Some comments are worth highlighting as they make a great Q&A. A question I received on my article Inheriting or Bequeathing an IRA follows:
My Mom passed away in December 2011. Her wishes in her Will were for her assets to be divided equally between myself and my 2 sisters. At some point my Mom listed me as beneficiary of her traditional IRA. The custodian has refused to abide by the instructions in the Will as the beneficiary form supersedes the Will. This is in the state of Tennessee. Is there a way to get the balance of the IRA divided 3 ways without cashing it in for a lump sum payout. We all would like to stretch out the payout. If I choose to disclaim a portion of the balance would it go to my Mom’s estate and enable my other 2 sisters to receive their portion? The tax attorney says to talk to the CPA, and the CPA says to talk to the tax attorney….The amount is around $170,000, so the taxes would be substantial on a payout. Any guidance would be appreciated.
If you are the listed beneficiary, and there is no other, by disclaiming the money, it would revert to her estate. The five year rule then applies, all funds must be depleted within 5 years after the owner’s passing. I can’t say whether the custodian will permit a partial disclaiming.
If it were me – I’d take the RMDs each year, pay the tax, and gift the siblings their “share.” You can view Pub 590 to see your RMD, but for example, at 50, the divisor to use is 34.2, so 170,000/34.2 is $4971. You can withdraw more if you wish, but be mindful of where you are in your marginal rate.
Right after I posted the response, The Wall Street Journal published Inherited IRAs: a Sweet Deal / A Generous Benefit for Families Survives a Senate Challenge. This is a great article that discusses the benefit of inheriting an IRA along with some of the pitfalls. But the key thing was that the article introduced me to M.D. Anderson, a tax preparer in Chandler, Ariz who has his own site InheritedIRAHell.com was kind enough to support my advice. M.D.’s response to my request for help follows:
On your reader’s question -
I will generally assume the parent or relative we lost here was older, 70.5 + older is what I will assume in this answer. If THAT is true, there is no 5 year rule but instead, the account can continue to pay out based on the life expectancy of the decedent. Disclaiming with no Contingent beneficiary other than the estate (controlled with or without a Will or Trust) has to be timely done no later than 9 months after the year of death. And, the disclaiming benificiary may not control what happens to the money as well or it would be possibly disqualified under IRS rules.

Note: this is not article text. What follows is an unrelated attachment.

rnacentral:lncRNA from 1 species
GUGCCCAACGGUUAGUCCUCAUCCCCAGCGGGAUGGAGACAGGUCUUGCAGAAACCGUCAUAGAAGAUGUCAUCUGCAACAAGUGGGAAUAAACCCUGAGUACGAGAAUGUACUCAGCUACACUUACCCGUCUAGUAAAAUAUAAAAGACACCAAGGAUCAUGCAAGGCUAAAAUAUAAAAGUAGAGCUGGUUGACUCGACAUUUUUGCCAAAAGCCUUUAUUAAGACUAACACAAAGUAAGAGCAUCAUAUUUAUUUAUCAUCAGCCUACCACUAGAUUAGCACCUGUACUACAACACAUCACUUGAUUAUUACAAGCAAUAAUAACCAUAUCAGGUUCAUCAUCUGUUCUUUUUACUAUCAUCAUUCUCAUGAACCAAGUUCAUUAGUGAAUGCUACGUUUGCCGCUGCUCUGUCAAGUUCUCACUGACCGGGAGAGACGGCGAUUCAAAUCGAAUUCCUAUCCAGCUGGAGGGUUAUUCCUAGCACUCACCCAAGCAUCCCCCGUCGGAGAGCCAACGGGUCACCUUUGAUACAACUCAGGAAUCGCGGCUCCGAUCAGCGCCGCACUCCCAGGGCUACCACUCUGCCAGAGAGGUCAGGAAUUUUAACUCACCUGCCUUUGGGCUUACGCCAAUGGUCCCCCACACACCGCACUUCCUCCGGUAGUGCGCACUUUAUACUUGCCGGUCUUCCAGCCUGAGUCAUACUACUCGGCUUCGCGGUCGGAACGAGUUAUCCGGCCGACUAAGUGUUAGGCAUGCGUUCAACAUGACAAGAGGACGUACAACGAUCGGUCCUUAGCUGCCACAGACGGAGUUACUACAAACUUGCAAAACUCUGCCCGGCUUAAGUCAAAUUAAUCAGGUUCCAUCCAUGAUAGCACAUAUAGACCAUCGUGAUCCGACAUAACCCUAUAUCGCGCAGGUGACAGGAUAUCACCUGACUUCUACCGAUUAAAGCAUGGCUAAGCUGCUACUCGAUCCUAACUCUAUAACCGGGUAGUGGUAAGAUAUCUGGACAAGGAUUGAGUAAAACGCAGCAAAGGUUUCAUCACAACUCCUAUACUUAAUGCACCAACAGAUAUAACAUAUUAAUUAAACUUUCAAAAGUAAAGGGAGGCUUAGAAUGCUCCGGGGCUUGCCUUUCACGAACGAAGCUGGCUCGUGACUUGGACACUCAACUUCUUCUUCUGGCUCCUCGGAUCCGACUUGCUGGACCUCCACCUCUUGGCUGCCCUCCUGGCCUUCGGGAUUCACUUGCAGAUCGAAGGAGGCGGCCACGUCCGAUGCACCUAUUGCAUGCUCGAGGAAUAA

Of course if the decedent is older than 89 under the newest mortality tables, less than 5 years could apply for year left to pay out while tax deferring and if really old — well the mortality table collapses down to 1 year or less to pay tax on death benefits received.
However, if the person wasn’t yet 70.5 at death, then yes, 5 years is the longest the estate can take to pay out the funds to estate beneficiaries which I assume, are all 3 siblings. Agree, this would equalize minus fees and estate expenses, and help fund the desired result.
But adding in those Executor/trix and statutory percentage of the legal fees, you increase the loss of good money here trying to go that route along with the higher risk a disclaimer action can be questioned by later tax authorities.
So, you got it 100% right in your advice. The gifting idea may be “as good as it gets”, hoping the one designated beneficiary asking these questions isn’t in too high of a tax bracket. The net $ received defeats the stretch potential we have with properly set up inherited/beneficial IRA accounts.
M.D Anderson, InheritedIRAHell.com
Thanks, M.D. ! There are a few things to learn from all of this. If the mom truly meant to have her three children as beneficiaries of all of her assets, her retirement accounts should have reflected this before her passing. The sibling trying “to make it right” has her work cut out for her given the rules surrounding IRAs and their inheritance. The concept of the IRA and Roth IRA is pretty simple. It’s when the owner passes that things get really messy, and as Anne states above, CPAs and Tax Attorneys even have issues understanding the rules. If you have any questions or concerns regarding your IRA or Roth IRA, why not post a question at my RothMania site and I’ll answer it for you.